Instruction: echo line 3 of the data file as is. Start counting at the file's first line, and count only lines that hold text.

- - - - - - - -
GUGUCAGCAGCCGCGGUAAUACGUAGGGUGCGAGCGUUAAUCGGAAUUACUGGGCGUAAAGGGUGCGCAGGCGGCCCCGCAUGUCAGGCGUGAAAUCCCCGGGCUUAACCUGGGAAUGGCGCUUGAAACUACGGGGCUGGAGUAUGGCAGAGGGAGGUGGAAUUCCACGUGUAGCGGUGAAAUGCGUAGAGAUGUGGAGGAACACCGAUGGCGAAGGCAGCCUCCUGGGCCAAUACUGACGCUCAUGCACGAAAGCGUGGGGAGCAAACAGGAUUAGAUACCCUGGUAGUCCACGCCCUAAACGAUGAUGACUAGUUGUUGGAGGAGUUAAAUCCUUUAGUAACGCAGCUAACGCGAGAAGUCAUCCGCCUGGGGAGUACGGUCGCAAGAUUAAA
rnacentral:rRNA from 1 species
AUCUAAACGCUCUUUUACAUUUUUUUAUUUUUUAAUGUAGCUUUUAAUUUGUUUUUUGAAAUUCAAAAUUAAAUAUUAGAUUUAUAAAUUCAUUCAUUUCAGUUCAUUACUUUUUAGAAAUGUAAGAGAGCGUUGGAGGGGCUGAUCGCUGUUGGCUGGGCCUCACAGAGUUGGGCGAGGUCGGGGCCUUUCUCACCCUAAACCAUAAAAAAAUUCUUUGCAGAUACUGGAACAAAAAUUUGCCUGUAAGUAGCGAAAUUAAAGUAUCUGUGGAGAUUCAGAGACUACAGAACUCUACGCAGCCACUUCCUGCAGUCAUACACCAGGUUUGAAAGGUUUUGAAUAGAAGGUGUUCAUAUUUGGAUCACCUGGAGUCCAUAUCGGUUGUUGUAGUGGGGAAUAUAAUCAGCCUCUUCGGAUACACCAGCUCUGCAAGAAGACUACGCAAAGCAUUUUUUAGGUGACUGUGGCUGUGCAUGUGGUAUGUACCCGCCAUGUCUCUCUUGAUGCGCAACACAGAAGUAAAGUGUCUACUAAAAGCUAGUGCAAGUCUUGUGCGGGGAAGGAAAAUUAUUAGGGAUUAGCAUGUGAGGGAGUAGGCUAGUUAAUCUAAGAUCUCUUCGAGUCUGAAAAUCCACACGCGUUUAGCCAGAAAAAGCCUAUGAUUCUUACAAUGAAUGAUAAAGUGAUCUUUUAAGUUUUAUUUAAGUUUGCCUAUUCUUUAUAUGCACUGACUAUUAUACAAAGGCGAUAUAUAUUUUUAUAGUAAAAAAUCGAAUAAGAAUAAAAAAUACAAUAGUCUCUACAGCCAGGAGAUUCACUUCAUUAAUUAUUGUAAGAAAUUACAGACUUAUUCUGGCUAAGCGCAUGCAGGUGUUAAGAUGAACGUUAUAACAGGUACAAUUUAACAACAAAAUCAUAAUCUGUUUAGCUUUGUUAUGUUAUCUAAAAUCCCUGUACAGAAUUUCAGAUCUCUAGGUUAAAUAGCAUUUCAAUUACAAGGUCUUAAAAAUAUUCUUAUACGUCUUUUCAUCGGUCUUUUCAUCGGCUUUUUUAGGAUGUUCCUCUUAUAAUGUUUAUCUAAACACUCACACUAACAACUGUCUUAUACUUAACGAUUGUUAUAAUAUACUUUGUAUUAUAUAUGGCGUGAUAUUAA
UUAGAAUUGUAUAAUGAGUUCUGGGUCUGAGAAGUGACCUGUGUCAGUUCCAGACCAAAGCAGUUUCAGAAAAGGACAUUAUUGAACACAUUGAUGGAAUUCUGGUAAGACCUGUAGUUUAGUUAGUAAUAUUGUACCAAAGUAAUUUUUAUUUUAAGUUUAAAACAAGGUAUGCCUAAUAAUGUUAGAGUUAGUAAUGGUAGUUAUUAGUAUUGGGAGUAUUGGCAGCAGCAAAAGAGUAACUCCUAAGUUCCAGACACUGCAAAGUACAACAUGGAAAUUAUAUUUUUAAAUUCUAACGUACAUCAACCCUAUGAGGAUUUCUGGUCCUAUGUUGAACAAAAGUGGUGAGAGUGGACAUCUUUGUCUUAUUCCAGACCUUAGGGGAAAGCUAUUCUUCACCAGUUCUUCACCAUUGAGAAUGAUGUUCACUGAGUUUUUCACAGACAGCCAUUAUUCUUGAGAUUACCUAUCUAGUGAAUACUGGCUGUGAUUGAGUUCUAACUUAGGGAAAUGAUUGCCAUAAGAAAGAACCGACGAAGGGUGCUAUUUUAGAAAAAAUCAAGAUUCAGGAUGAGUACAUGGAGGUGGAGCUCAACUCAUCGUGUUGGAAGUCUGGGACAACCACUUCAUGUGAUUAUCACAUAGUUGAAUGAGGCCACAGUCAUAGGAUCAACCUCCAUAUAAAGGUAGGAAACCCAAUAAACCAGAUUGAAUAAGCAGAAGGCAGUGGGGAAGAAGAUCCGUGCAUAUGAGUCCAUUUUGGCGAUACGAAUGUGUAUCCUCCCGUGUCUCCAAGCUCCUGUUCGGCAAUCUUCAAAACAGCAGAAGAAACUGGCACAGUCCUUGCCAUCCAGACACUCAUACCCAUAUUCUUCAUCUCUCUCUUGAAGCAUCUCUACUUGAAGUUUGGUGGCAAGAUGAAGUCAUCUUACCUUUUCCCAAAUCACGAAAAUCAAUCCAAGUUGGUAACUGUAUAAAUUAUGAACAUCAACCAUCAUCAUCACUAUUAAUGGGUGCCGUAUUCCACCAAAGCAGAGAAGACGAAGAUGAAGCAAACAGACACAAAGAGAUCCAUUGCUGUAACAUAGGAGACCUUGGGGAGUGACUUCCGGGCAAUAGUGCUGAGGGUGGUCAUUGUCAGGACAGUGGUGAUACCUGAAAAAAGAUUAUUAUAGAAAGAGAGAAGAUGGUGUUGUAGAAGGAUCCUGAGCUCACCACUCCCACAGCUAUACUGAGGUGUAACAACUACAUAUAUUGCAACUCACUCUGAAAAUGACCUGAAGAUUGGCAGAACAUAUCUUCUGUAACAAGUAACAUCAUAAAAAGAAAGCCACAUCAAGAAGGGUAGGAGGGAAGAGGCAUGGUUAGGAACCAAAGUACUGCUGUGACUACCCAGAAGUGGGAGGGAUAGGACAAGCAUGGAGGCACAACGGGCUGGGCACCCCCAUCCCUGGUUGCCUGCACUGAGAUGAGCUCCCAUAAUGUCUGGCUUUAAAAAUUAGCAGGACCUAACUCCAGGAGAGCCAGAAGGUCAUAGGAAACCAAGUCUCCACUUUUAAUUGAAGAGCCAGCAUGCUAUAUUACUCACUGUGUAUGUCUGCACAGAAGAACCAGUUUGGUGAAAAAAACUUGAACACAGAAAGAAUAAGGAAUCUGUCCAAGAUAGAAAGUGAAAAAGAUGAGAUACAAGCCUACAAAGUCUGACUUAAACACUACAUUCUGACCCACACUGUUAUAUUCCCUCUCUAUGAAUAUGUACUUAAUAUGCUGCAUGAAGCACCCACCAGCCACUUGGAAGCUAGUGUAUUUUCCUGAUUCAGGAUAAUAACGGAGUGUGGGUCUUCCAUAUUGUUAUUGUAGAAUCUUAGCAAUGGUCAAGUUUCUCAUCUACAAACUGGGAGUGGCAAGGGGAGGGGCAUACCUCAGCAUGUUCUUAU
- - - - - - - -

AUCUAAACGCUCUUUUACAUUUUUUUAUUUUUUAAUGUAGCUUUUAAUUUGUUUUUUGAAAUUCAAAAUUAAAUAUUAGAUUUAUAAAUUCAUUCAUUUCAGUUCAUUACUUUUUAGAAAUGUAAGAGAGCGUUGGAGGGGCUGAUCGCUGUUGGCUGGGCCUCACAGAGUUGGGCGAGGUCGGGGCCUUUCUCACCCUAAACCAUAAAAAAAUUCUUUGCAGAUACUGGAACAAAAAUUUGCCUGUAAGUAGCGAAAUUAAAGUAUCUGUGGAGAUUCAGAGACUACAGAACUCUACGCAGCCACUUCCUGCAGUCAUACACCAGGUUUGAAAGGUUUUGAAUAGAAGGUGUUCAUAUUUGGAUCACCUGGAGUCCAUAUCGGUUGUUGUAGUGGGGAAUAUAAUCAGCCUCUUCGGAUACACCAGCUCUGCAAGAAGACUACGCAAAGCAUUUUUUAGGUGACUGUGGCUGUGCAUGUGGUAUGUACCCGCCAUGUCUCUCUUGAUGCGCAACACAGAAGUAAAGUGUCUACUAAAAGCUAGUGCAAGUCUUGUGCGGGGAAGGAAAAUUAUUAGGGAUUAGCAUGUGAGGGAGUAGGCUAGUUAAUCUAAGAUCUCUUCGAGUCUGAAAAUCCACACGCGUUUAGCCAGAAAAAGCCUAUGAUUCUUACAAUGAAUGAUAAAGUGAUCUUUUAAGUUUUAUUUAAGUUUGCCUAUUCUUUAUAUGCACUGACUAUUAUACAAAGGCGAUAUAUAUUUUUAUAGUAAAAAAUCGAAUAAGAAUAAAAAAUACAAUAGUCUCUACAGCCAGGAGAUUCACUUCAUUAAUUAUUGUAAGAAAUUACAGACUUAUUCUGGCUAAGCGCAUGCAGGUGUUAAGAUGAACGUUAUAACAGGUACAAUUUAACAACAAAAUCAUAAUCUGUUUAGCUUUGUUAUGUUAUCUAAAAUCCCUGUACAGAAUUUCAGAUCUCUAGGUUAAAUAGCAUUUCAAUUACAAGGUCUUAAAAAUAUUCUUAUACGUCUUUUCAUCGGUCUUUUCAUCGGCUUUUUUAGGAUGUUCCUCUUAUAAUGUUUAUCUAAACACUCACACUAACAACUGUCUUAUACUUAACGAUUGUUAUAAUAUACUUUGUAUUAUAUAUGGCGUGAUAUUAA